1924 and Jazz’s early recorded history are now converging. This Jazz classic, Gertrude “Ma” Rainey’s See See Rider Blues, was written and performed in 1924. It also features Louis Armstrong on trumpet. The best part is it’s yours, Or should I say ours?
I want to be first in 2020 to share some music that arrived in the public domain. Can you believe George Gershwin’s “Rhapsody In Blue” is ours to use!?
The composition was commissioned by bandleader Paul Whiteman. It was orchestrated by Ferde Grofé. It was considered modern in 1924. I selected a performance done in 2011. It still sounds modern whenever it’s performed.
So far this year there has been much written and published about the Public Domain. The concept of copyright expiration for the good of mankind has been around since the advent of copyright protection. This might be an old concept, but it has only come to being this year in the U.S. There have been many articles. This is a good one, about why and what comes into public ownership this year, so the public can use or enjoy the content without copyright restrictions. I try to make some of this music known. I’ve become interested in the roots of rock and roll, the Delta Blues. Son House, born in 1902. He was in his 20s when his songs were recorded by Alan Lomax.
Son House was discovered and promoted as a young man by reigning Delta Blues king, Charley Patton. House’s style would greatly influence Robert Johnson and Muddy Waters, and later Bonnie Raitt, John Hammond, Jr. and The White Stripes. Released in 1930, the 78 RPM vinyl of “Clarksdale Moan” was long considered a “Holy Grail” of lost blues recordings. Here’s an mp3 from an original copy found by an ecstatic collector in the 1990’s. An absolute treasure.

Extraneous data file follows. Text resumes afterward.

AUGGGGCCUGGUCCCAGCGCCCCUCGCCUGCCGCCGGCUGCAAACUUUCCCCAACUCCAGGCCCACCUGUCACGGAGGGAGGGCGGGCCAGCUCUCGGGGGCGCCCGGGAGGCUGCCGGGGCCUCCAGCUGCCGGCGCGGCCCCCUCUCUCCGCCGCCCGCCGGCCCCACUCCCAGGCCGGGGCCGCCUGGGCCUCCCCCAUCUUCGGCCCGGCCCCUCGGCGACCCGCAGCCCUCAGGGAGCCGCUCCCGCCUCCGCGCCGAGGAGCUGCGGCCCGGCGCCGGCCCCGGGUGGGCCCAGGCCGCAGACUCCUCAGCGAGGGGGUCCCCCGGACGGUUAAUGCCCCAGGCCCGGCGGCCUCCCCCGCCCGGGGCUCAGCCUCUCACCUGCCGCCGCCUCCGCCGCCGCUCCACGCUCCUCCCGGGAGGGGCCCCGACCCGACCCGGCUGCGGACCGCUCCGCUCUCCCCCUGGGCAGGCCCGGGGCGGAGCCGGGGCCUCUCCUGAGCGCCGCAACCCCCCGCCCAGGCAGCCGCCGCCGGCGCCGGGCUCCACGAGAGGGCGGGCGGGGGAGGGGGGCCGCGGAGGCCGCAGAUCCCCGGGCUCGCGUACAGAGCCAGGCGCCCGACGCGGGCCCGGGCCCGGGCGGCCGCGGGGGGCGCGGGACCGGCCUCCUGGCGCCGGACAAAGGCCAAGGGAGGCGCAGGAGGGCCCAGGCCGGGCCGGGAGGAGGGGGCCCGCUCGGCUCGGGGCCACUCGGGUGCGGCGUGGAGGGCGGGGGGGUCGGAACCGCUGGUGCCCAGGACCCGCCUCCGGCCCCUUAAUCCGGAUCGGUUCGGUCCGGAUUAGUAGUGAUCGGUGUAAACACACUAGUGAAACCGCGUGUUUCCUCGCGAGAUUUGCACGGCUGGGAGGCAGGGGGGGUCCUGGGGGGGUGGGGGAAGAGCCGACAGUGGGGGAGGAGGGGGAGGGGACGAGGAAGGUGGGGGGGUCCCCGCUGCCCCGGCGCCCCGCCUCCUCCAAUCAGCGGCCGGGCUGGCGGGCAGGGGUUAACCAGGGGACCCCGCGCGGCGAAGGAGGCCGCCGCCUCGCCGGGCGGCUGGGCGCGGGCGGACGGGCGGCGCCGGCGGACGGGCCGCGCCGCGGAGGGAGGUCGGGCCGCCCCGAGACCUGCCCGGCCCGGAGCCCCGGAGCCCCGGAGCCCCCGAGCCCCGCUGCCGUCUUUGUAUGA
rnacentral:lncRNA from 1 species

I first heard a Theremin used in rock music by Rev. Paul Jackson of The Uptones. The instrument was easy to record, but you looked lame playing it. Not much later I saw Aron Mardo not looking lame using this all electronic instrument in an inspired performance with his brother in their band Mardo. I fell in love with the unlimited possibilities of this electronic instrument. As I looked further, into this instrument’s roots, I also found some Public Domain music using all electronic music instruments. As you guessed, it wasn’t made before 1925, it was made in 1960 in a no-copyright-law USSR! This video features Russian Thereminist Konstantin Kovalsky, performing with Vyacheslav Mescherin’s ensemble of electro-musical instruments. I find this a mind-boggling display of electronic instruments. Konstantin makes the theremin sound almost human in his solo. I found this video fascinating.
Everybody listen to this man, listen to the depth of sorrow in that harmonica. A real blues player cannot cheat the feeling of grief on any topic. It comes from within. Bad water wasn’t a modern problem. When the river runs dry on land and in the heart, the music must replenish the soul for hope to be replenished. I’m proud to link to this song by Jaybird Coleman.